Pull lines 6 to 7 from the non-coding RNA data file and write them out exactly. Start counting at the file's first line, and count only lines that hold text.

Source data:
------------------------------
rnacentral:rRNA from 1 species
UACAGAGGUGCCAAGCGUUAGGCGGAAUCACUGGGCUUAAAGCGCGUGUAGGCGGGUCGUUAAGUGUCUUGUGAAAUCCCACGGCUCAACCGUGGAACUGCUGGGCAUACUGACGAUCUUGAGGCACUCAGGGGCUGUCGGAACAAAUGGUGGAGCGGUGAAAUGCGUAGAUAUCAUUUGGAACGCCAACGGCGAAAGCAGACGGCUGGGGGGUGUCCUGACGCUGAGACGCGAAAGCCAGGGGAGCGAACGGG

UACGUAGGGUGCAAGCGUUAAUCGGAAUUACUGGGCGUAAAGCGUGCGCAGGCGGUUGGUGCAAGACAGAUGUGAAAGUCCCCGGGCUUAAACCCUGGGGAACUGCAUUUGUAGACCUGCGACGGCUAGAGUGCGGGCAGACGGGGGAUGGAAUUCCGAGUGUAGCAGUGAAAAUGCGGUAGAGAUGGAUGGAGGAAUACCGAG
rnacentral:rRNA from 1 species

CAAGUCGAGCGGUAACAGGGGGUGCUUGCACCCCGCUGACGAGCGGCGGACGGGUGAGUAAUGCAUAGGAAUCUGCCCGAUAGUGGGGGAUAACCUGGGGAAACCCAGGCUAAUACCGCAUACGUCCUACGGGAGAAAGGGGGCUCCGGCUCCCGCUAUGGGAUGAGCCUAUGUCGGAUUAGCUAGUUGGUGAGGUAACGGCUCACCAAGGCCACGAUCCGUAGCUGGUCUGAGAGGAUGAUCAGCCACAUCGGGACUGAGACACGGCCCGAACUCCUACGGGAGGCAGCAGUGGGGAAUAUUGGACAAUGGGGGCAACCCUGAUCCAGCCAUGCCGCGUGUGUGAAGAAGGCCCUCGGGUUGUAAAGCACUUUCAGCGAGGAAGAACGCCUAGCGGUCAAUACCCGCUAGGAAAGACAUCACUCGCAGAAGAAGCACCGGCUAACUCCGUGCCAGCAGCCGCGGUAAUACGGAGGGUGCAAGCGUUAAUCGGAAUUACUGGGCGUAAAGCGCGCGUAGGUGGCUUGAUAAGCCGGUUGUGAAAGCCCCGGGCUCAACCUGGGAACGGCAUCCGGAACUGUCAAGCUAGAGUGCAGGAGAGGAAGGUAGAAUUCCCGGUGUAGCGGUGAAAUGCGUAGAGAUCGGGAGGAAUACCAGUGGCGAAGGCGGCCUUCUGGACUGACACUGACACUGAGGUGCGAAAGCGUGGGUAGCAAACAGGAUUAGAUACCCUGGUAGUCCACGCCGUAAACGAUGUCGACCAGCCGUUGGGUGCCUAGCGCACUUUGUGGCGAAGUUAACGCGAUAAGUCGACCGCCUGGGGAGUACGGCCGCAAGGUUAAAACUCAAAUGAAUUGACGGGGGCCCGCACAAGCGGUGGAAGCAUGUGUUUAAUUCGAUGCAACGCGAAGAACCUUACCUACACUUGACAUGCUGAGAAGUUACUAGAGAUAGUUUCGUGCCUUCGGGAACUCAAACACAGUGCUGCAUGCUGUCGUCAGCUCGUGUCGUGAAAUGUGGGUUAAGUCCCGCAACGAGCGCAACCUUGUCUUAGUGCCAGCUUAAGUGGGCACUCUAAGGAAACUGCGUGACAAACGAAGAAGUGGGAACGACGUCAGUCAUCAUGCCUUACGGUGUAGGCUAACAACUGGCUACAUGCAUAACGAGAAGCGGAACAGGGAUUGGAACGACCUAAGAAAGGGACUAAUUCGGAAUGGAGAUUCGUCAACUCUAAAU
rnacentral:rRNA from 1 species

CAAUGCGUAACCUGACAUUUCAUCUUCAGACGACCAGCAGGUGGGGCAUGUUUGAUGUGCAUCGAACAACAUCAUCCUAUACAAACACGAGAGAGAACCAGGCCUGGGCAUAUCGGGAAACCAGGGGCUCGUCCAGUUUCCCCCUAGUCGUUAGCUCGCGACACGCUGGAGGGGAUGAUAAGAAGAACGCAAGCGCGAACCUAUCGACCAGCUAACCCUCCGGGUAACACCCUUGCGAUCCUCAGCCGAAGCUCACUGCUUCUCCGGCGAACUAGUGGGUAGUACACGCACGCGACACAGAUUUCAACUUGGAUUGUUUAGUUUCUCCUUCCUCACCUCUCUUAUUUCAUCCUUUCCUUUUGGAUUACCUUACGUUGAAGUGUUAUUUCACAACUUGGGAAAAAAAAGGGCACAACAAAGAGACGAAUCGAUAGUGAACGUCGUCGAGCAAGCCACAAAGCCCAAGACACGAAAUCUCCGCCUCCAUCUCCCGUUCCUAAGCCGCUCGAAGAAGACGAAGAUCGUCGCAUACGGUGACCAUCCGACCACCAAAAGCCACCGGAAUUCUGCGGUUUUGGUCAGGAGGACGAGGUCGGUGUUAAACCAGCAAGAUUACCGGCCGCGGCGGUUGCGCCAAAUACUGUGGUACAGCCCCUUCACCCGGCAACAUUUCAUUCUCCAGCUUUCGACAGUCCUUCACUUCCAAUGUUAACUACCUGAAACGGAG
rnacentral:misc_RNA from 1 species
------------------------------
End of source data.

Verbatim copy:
rnacentral:rRNA from 1 species

CAAUGCGUAACCUGACAUUUCAUCUUCAGACGACCAGCAGGUGGGGCAUGUUUGAUGUGCAUCGAACAACAUCAUCCUAUACAAACACGAGAGAGAACCAGGCCUGGGCAUAUCGGGAAACCAGGGGCUCGUCCAGUUUCCCCCUAGUCGUUAGCUCGCGACACGCUGGAGGGGAUGAUAAGAAGAACGCAAGCGCGAACCUAUCGACCAGCUAACCCUCCGGGUAACACCCUUGCGAUCCUCAGCCGAAGCUCACUGCUUCUCCGGCGAACUAGUGGGUAGUACACGCACGCGACACAGAUUUCAACUUGGAUUGUUUAGUUUCUCCUUCCUCACCUCUCUUAUUUCAUCCUUUCCUUUUGGAUUACCUUACGUUGAAGUGUUAUUUCACAACUUGGGAAAAAAAAGGGCACAACAAAGAGACGAAUCGAUAGUGAACGUCGUCGAGCAAGCCACAAAGCCCAAGACACGAAAUCUCCGCCUCCAUCUCCCGUUCCUAAGCCGCUCGAAGAAGACGAAGAUCGUCGCAUACGGUGACCAUCCGACCACCAAAAGCCACCGGAAUUCUGCGGUUUUGGUCAGGAGGACGAGGUCGGUGUUAAACCAGCAAGAUUACCGGCCGCGGCGGUUGCGCCAAAUACUGUGGUACAGCCCCUUCACCCGGCAACAUUUCAUUCUCCAGCUUUCGACAGUCCUUCACUUCCAAUGUUAACUACCUGAAACGGAG